"Fancy stuff"? OK, so I own a vise, an iron, brushes--a total of about $200 to $225 in gear and another $50 so far in wax, most of which is still here. I'm heavy and not skiing nearly enough to be skating as well as I sometimes can and poling's a drag, so not having to worry about maintaining speed to get across a flat is a very nice thing. So is experiencing some "whoa, who strapped on the booster rocket??" when I try my 'slow line fast' while doing the cool new thing I just learned, but the base friction I used to rely on for speed control just isn't there, so my line has to be even slower. I also like doing stuff like waxing. So yeah, I find it more than worth the money and time I spend on it.
But you've found a cheap and easy way that makes you happy, and that's great. Maybe corking on wax once or twice a day would give me just as long a glide as hot waxing with plenty of base prep, but it sounds like the temp-specific shop roller waxes I used to get--fun for a day, but then dragging along until I popped for another wax, while my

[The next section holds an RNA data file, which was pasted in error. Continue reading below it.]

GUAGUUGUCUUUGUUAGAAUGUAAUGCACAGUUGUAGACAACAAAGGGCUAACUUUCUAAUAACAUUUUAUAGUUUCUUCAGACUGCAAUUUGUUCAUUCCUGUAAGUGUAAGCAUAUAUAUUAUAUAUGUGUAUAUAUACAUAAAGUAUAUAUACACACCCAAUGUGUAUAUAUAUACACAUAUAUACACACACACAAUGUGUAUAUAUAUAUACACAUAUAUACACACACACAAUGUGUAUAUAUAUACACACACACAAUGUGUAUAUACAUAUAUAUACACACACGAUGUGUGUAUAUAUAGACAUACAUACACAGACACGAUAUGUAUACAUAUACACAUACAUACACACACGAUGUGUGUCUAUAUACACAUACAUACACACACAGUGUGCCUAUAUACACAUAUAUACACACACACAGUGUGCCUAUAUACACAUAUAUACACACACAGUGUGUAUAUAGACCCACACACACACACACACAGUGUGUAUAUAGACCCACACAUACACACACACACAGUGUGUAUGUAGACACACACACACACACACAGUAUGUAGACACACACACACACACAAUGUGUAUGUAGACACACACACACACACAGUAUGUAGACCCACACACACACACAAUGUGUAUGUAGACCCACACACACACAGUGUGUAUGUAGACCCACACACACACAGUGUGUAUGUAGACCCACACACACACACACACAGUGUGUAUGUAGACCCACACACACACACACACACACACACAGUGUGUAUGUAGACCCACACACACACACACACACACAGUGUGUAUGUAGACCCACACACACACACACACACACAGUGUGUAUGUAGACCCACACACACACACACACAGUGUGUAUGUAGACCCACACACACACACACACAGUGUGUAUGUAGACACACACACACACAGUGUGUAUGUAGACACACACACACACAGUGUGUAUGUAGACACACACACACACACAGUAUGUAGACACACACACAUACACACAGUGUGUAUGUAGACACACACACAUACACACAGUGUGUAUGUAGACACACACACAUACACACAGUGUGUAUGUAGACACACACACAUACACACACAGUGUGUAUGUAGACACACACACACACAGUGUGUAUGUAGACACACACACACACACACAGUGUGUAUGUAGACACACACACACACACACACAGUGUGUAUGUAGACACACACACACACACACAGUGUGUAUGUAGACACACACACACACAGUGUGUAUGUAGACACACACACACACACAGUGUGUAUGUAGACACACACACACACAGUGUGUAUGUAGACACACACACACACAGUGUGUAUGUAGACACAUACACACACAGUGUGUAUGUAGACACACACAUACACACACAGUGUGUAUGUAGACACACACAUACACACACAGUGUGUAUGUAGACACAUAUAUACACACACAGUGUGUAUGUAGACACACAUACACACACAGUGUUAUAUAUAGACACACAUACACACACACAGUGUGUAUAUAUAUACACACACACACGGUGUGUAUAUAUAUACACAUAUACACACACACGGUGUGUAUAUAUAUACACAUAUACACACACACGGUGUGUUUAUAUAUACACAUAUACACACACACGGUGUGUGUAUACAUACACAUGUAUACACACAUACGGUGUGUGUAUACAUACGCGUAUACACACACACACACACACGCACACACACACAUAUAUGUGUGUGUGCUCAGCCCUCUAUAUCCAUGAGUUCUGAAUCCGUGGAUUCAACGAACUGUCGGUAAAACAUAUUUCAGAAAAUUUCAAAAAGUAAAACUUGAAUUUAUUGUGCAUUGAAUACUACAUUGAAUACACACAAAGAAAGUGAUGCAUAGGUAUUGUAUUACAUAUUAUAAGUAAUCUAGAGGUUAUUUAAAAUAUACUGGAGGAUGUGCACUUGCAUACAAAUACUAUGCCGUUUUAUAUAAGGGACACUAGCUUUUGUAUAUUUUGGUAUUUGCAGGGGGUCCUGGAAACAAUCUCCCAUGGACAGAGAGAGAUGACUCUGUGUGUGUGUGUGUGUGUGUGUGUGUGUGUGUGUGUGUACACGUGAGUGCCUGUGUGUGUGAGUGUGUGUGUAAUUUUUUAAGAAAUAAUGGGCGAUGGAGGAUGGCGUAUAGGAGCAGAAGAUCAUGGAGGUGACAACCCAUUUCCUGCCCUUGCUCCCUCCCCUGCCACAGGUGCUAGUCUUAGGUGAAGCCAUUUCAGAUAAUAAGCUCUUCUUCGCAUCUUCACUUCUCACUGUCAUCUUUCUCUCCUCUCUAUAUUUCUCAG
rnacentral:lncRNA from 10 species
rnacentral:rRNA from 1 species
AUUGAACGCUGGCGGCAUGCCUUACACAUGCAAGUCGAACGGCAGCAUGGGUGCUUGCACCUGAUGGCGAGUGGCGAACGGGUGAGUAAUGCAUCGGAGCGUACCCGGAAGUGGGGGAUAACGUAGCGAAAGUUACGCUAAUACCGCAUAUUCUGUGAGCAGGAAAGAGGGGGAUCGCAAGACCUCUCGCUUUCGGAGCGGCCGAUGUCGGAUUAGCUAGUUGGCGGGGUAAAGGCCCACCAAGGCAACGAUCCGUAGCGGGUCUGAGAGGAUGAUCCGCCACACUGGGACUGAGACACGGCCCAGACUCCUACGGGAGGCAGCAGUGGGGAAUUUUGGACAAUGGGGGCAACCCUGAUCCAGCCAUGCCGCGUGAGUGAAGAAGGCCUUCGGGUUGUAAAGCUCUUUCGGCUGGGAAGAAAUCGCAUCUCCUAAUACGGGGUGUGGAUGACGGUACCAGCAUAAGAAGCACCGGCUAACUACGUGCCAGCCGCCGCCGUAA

waxing is no one-and-done deal. After my Geishas' second grind in a few months I did several liquid hot scrapes, several soft scrapes, three or so layers of base prep cooled, scraped and brushed out, a round of Hertel Hot Sauce (
) mixed with Cold Snap, and a final round of plain Hertel (only because I realized it wasn't nearly as cold as I expected). I have three days on them since then, and granted, it's not abrasive man-made snow, but they're no less slippery than the first run. I don't expect to wax again for at least another few days of skiing, and I don't expect to have to prep the bases again until the snow gets gunky in the spring, maybe not even then. You'll note, however, that I didn't do dozens of hot scrapes, slowly working my way up the temperature scale until I arrive at a daily wax. I take my status as a recreational skier seriously, if that makes any sense, and that too much like work, unless you need every little bit of glide you can squeeze out of your skis. And I don't.
As for the mythology of how wax works, I really couldn't care less. All that matters is that liberal hot waxing works, works better than other methods I've experienced, and lasts longer than crayoning and corking.
Jacques, I don't know what happened to you when you used Hertel, but it sounds like a traumatizing event. Maybe it's been reformulated, because IME it's easy to iron in, as fast or faster than anything I've skied on, and as I said above, it's pretty durable, at least our friendly snow. As with spindrift's corking method, it's possible another wax would work better, but I'm not sure how much less friction there could be without feeling like I was on an airboat.